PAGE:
In view of the nature of human exposure to TRACRIUM, the mutagenic risk to patients undergoing surgical relaxation with TRACRIUM must be considered negligible.
Carcinogenicity: Carcinogenicity studies have not been performed.
Indications/Uses
TRACRIUM is a highly selective, competitive or non-depolarising neuromuscular blocking agent which is used as an adjunct to general anaesthesia to enable tracheal intubation to be performed and to relax skeletal muscles during surgery or controlled ventilation, and to facilitate mechanical ventilation in Intensive Care Unit (ICU) patients.
Dosage/Direction for Use
In common with all neuromuscular blocking agents monitoring of neuromuscular function is recommended during the use of TRACRIUM in order to individualise dosage requirements.
Use by injection in adults: TRACRIUM is administered by intravenous (i.v.) injection. The dosage range for adults is 0.3 to 0.6 mg/kg (depending on the duration of full block required) and will provide adequate relaxation for about 15 to 35 minutes.
Endotracheal intubation can usually be accomplished within 90 seconds from the i.v. injection of 0.5 to 0.6 mg/kg.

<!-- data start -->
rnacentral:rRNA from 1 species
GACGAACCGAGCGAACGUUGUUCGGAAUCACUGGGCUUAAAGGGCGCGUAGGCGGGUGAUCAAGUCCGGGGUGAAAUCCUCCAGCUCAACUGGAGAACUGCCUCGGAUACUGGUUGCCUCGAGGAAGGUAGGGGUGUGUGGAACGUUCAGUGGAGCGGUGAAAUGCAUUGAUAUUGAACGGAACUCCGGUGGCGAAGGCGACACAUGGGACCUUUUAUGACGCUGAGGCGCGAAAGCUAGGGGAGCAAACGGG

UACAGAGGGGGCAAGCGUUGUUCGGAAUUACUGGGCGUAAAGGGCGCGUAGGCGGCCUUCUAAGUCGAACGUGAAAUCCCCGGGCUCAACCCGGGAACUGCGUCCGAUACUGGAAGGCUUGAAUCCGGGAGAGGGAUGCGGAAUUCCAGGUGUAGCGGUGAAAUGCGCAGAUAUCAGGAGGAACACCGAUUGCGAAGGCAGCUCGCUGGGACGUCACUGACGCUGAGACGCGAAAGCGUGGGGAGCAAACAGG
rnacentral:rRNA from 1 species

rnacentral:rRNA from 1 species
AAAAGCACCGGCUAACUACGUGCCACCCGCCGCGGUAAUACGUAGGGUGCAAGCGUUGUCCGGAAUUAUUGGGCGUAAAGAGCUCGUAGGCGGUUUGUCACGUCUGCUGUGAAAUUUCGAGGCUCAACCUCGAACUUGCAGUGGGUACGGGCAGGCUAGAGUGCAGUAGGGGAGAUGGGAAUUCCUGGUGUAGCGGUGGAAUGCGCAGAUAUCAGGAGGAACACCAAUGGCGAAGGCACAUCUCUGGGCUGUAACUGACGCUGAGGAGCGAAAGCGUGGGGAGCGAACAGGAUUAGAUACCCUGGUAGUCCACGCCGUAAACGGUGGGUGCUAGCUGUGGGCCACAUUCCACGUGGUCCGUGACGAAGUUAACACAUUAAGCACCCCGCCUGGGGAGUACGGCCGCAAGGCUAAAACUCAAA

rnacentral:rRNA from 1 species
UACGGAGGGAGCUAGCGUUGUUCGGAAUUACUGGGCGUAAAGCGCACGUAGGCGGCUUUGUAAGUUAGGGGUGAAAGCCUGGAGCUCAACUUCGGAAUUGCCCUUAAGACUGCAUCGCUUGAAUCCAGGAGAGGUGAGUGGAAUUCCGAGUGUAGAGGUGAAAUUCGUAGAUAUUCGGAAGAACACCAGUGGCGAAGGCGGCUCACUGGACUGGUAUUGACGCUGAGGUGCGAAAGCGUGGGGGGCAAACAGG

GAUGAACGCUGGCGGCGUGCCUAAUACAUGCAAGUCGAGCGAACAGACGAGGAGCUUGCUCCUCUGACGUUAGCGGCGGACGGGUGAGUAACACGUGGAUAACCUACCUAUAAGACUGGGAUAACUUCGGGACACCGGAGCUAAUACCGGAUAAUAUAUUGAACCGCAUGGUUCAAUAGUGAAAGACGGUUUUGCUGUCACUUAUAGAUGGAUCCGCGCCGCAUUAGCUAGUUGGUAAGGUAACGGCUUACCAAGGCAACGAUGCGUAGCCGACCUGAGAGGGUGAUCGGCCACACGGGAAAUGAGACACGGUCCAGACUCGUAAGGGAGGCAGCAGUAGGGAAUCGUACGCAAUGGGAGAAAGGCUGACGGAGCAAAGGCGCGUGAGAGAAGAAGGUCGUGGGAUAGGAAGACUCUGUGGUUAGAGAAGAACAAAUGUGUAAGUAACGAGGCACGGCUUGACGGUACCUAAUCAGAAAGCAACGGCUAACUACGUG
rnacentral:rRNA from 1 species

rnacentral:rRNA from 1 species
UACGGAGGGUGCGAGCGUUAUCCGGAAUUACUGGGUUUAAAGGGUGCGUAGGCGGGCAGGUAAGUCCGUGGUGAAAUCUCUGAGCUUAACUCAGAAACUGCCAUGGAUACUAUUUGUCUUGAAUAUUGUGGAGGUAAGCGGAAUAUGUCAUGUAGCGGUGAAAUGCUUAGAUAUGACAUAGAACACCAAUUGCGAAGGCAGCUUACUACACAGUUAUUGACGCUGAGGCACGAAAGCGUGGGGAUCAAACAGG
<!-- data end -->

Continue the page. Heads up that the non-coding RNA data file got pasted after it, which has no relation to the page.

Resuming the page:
Full block can be prolonged with supplementary doses of 0.1 to 0.2 mg/kg as required.
Successive supplementary dosing does not give rise to accumulation of neuromuscular blocking effect.
Spontaneous recovery from the end of full block occurs in about 35 minutes as measured by the restoration of the tetanic response to 95% of normal neuromuscular function.
The neuromuscular block produced by TRACRIUM can be rapidly reversed by standard doses of anticholinesterase agents, such as neostigmine and edrophonium, accompanied or preceded by atropine, with no evidence of recurarisation.
Use as an infusion in adults: After an initial bolus dose of 0.3 to 0.6 mg/kg, TRACRIUM can be used to maintain neuromuscular block during long surgical procedures by administration as a continuous infusion at rates of 0.3 to 0.6 mg/kg/h.
TRACRIUM can be administered by infusion during cardiopulmonary bypass surgery at the recommended infusion rates. Induced hypothermia to a body temperature of 25° to 26°C reduces the rate of inactivation of TRACRIUM, therefore full neuromuscular block may be maintained by approximately half the original infusion rate at these low temperatures.
TRACRIUM is compatible with the following infusion solutions for the times stated as follows: (See Table 1.)

Click on icon to see table/diagram/image

When diluted in these solutions to give TRACRIUM concentrations of 0.5 mg/mL and above, the resultant solutions will be stable in daylight for the stated periods at temperatures of up to 30°C.
Use in children: The dosage in children over the age of 1 month is the same as that in adults on a bodyweight basis.
Use in the elderly: TRACRIUM may be used at standard dosage in elderly patients. It is recommended, however, that the initial dose be at the lower end of the range and that it be administered slowly.